On Fri, Oct 21, 2011 at 1:18 PM, Tom Lane <tgl(at)sss(dot)pgh(dot)pa(dot)us> wrote:
> Robert Haas <robertmhaas(at)gmail(dot)com> writes:
>> That's a bit disappointing - it's now more than a third faster to do
>> the sequential scan, even though the sequential scan has to touch six
>> times as many blocks (at scale factor 20, index is 43 MB, table is 256
>> MB) all of which are in cache. Of course, touching that many fewer
>> blocks does have some advantages if there is concurrent activity on
>> the system, but it still seems unfortunate that the ratio of runtime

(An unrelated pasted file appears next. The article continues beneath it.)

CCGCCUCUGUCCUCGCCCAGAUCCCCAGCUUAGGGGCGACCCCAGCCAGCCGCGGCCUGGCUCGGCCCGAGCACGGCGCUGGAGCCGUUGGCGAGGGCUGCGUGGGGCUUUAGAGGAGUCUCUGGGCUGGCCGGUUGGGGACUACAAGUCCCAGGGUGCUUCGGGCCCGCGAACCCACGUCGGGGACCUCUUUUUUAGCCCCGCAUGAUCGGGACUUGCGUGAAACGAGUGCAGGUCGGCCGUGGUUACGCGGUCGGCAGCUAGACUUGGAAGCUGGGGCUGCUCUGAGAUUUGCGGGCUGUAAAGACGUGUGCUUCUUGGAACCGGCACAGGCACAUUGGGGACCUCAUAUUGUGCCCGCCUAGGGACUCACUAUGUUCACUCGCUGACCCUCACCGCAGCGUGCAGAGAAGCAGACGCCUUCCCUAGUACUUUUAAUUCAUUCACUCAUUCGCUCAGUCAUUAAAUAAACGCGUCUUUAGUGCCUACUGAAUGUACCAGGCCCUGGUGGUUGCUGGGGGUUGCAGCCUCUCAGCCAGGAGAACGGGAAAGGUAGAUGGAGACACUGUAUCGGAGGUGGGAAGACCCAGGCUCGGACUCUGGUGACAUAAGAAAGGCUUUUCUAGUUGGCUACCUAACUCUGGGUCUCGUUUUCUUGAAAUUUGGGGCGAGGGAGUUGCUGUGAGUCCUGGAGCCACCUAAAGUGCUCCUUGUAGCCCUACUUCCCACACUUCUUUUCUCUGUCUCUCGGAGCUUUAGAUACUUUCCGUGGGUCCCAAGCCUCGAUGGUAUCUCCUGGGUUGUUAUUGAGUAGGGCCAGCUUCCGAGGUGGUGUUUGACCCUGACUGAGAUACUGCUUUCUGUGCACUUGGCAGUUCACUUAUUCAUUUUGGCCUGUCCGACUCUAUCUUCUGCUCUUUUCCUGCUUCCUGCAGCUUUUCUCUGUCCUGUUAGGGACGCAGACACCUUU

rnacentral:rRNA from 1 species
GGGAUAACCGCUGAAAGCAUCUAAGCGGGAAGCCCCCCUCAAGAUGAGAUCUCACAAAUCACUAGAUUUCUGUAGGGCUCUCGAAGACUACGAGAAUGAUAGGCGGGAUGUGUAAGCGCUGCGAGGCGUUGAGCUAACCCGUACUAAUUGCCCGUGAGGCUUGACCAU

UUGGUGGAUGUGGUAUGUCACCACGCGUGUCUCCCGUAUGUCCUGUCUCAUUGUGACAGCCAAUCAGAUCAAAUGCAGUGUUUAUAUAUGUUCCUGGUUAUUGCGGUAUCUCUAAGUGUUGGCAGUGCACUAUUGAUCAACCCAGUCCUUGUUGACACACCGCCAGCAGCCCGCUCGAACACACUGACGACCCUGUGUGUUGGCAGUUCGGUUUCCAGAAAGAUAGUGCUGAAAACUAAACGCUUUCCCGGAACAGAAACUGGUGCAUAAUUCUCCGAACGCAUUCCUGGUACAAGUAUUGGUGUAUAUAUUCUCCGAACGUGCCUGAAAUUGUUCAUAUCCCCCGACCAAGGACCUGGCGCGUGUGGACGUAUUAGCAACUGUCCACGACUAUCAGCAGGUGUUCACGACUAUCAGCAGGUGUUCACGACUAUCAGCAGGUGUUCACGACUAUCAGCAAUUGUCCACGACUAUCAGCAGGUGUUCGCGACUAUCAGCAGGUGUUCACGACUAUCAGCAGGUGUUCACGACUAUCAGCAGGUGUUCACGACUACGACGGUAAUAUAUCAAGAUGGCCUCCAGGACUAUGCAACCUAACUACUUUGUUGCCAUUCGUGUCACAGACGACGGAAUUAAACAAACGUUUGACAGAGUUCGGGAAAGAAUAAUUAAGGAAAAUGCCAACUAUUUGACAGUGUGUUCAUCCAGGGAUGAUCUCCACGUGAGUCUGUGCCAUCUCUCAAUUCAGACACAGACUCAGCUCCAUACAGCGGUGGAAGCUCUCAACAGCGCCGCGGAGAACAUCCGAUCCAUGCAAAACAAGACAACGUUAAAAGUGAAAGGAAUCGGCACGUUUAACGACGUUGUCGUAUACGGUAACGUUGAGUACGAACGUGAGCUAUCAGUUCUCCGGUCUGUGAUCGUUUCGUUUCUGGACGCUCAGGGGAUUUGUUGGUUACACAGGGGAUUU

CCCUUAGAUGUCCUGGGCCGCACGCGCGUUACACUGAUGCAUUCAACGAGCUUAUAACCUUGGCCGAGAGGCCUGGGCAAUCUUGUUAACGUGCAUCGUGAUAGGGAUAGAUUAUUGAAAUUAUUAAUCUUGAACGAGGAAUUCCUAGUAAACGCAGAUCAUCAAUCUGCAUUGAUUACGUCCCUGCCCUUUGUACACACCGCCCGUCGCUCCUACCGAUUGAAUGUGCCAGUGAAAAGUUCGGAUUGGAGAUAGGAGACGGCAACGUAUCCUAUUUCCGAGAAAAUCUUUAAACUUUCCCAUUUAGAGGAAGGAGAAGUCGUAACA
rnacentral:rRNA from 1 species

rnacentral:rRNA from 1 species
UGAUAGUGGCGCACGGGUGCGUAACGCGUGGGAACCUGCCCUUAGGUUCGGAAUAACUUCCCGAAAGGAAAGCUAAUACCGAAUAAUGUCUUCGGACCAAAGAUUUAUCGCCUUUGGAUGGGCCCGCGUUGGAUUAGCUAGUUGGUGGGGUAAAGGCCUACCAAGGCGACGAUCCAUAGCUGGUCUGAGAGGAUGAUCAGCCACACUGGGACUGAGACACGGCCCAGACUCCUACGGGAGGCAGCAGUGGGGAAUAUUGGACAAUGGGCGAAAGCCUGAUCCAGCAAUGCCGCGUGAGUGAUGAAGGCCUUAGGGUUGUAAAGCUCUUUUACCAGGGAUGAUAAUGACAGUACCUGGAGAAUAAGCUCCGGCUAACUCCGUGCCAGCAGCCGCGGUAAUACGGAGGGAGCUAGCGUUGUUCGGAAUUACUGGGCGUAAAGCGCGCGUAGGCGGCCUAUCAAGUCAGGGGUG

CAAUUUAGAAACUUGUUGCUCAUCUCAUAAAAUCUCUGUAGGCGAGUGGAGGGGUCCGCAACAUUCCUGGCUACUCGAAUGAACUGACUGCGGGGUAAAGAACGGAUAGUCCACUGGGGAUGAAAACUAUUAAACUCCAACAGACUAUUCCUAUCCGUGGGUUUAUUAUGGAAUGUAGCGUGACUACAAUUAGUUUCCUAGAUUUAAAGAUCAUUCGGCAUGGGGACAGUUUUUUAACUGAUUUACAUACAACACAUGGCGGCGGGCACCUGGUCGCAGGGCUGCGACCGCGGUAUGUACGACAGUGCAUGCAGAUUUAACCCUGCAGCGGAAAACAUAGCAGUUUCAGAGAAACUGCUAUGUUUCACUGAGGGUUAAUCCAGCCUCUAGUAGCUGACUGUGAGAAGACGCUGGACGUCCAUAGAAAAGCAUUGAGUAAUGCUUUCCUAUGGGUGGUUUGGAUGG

>> to blocks touched is more than 8x higher for the index-only case.
> I don't know why you'd imagine that touching an index is free, or even
> cheap, CPU-wise. The whole point of the index-only optimization is to
> avoid I/O. When you try it on a case where there's no I/O to be saved,
> *and* no shared-buffers contention to be avoided, there's no way it's
> going to be a win.
Well, call me naive, but I would have thought touching six times less
data would make the operation run faster, not slower.
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